Hannibal Free Clinic shows gratitude to volunteers, donors and supporters during annual meeting
Hannibal Free Clinic Manager Sharon Webster gave lots of hugs as she joined fellow officials in thanking everyone who supported the local nonprofit medical care facility on Thursday, Feb. 21 at Hannibal-LaGrange University.
The Hannibal Free Clinic has provided health care since 2007 to local residents between the ages of 18 and 65 without access to basic healthcare, and its operation depends on volunteer assistance from staff members and medical providers, along with individual and group donations and community fundraising support.
Webster said more than 100 new patients received care at the clinic in 2018, underscoring the ongoing need for the services it provides and the support received from local residents. Each year, the Hannibal Free Clinic's appreciation luncheon is dedicated to recognizing the people who help make each year successful.
“It's always good to honor the volunteers and to say thank you to them and our donors — so they know how much we appreciate it, and to let some of them who don't work directly with the patients to see a little bit of what we do,” she said.
Webster said the video presentation helped “put a face to the people they're helping,” telling the story of two patients and how the care they received at the Hannibal Free Clinic affected their lives.
Webster said the “Power of $2.50” campaign, started by her husband, Charles, is an easy way for people to donate to the Hannibal Free Clinic with a monthly signup option. Costs for the clinic total about $3 million each year, and Webster said that purchases have doubled for diabetic testing supplies and materials.
Board Chair Joel Booth recognized retiring board member Ann Cary for her service. Webster announced the recipients of the Heart Beat Awards, the Caring Heart Award and the SOS (Support of Service) Award.
Linda Coleberd, owner of Mark Twain Cave, received the 2019 Support of Service Award for supporting the clinic through the annual Rib and Wing Fest. Heavy rainfall canceled the event last year at the campgrounds, but Coleberd helped assure that officials could provide documentation that the rainfall was too great to host the event. Webster said she looks forward to the upcoming Rib and Wing Fest on Saturday, Sept. 7.
“Linda has been so generous to allow the Free Clinic to host our annual Rib and Wing Fest at the Cave's picnic and park area,” she said. “She has not charged us for the use of her facility and has been very welcoming to our group.”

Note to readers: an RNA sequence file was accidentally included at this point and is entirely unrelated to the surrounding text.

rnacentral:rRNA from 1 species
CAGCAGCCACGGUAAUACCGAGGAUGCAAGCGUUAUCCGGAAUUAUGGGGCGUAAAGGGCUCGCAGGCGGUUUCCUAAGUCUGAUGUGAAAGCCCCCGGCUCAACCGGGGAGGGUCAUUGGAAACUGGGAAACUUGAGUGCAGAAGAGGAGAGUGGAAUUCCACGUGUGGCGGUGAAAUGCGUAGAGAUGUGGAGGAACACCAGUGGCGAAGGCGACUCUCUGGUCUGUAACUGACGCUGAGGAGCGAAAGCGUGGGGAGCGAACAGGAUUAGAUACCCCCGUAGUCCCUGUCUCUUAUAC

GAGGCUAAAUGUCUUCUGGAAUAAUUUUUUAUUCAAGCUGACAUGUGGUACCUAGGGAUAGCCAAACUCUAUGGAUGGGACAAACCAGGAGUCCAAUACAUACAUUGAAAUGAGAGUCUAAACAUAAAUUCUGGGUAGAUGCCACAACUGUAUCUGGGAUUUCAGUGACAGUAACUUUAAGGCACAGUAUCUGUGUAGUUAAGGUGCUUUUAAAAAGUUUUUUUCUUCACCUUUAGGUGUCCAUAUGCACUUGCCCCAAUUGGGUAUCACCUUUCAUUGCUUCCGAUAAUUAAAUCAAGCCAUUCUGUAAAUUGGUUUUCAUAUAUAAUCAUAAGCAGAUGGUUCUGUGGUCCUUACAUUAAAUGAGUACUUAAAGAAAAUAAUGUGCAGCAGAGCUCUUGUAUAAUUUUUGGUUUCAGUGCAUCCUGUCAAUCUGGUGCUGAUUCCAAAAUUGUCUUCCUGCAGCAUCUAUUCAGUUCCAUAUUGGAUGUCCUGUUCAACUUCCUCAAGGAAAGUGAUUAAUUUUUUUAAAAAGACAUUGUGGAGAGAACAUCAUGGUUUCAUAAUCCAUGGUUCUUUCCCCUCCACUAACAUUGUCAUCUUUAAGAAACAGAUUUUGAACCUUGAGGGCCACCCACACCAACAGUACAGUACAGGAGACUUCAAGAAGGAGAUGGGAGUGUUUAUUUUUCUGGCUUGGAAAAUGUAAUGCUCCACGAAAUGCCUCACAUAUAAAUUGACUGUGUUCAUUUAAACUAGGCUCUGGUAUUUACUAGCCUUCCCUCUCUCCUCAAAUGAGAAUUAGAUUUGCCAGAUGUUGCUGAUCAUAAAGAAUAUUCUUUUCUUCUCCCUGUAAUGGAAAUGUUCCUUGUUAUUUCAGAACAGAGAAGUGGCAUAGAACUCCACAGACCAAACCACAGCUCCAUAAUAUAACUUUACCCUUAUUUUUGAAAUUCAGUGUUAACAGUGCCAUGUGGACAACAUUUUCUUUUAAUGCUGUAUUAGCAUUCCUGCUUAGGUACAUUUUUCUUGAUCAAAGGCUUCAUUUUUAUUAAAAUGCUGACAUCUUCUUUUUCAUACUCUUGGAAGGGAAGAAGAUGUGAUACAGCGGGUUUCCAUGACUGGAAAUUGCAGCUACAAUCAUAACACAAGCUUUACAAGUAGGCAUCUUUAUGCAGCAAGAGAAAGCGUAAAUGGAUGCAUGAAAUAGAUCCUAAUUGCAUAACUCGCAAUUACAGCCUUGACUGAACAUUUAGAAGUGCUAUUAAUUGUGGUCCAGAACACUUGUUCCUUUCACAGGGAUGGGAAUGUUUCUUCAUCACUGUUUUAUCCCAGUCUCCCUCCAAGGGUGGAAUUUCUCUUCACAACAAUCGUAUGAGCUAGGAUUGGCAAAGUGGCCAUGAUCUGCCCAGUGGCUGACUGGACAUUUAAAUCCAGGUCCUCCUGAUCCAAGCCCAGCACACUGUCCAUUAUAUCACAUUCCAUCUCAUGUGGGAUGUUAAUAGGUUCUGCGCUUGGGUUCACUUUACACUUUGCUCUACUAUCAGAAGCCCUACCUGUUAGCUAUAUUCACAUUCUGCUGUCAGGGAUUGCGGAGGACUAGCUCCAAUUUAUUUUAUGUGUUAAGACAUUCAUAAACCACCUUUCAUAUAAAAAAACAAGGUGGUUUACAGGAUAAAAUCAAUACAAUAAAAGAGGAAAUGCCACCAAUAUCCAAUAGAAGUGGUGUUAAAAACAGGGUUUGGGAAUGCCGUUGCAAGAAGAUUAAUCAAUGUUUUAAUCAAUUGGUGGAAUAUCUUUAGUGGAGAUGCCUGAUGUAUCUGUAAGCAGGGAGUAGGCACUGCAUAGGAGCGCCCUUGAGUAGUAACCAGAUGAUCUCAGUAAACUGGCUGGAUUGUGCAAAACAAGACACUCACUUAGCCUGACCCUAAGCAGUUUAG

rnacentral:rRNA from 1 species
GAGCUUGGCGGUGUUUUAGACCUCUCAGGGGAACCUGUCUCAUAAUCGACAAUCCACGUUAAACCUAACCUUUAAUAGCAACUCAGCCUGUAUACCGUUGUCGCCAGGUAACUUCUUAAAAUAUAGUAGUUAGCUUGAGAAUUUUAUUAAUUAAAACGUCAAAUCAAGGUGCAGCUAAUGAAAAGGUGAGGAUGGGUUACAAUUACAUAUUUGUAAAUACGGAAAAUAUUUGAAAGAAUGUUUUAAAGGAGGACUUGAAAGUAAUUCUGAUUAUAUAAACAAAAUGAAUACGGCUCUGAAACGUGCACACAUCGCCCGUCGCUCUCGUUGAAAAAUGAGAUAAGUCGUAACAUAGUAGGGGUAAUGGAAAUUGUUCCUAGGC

The Caring Heart Award was presented to Dr. John Dennehy, who has donated chiropractic services at the Free Clinic since 2016. Dennehy and volunteer provider Dr. Matthew Sorrell have provided more than 1,500 patient visits — Dr. Dennehy was responsible for almost one-third of the visits in 2018.
“Dr. Dennehy is always cheerful and compassionate with our patients, and he will stay as late as needed to make sure everyone gets all the care they need,” Webster said. “He will also take care of our patients in his office if he needs equipment that he cannot bring with him to the Free Clinic.”
The Heart Beat Awards are presented to volunteers who constantly help keep the clinic running. The first honoree was volunteer Deb Burditt, who joined the Free Clinic team following her retirement from Hannibal Regional. She assists with tasks like medication assistance applications and medical records requests.
“She will pitch in and do whatever is needed to keep the office running,” Webster said.
Office Assistant Linda Chou also received a Heart Beat Award, serving multiple roles including working with volunteers, answering the phone, making appointments and establishing initial contact with patients. Webster said Chou also willingly takes on other duties around the office.
“She truly is the heartbeat that keeps the office going,” Webster said.
Sharon's husband, Charles, received a Heart Beat Award for his support through the “Power of $2.50” fundraising campaign and his yearly dedication to the Rib and Wing Fest.
“Even though Charles does not usually volunteer within the clinic walls, he has been instrumental in keeping the clinic going,” she said. “He was involved in getting the Rib and Wing Festival started and keeping it going each year. And he helped sell 1,100 racks of ribs in less than six hours when the event had to be canceled last September.”
Booth shared the Hannibal Free Clinic's motto: “The patients are our purpose,” as he joined Webster in thanking everyone for their support. For more information about the Hannibal Free Clinic or how to volunteer your time or donations, please visithannibalfreeclinic.org.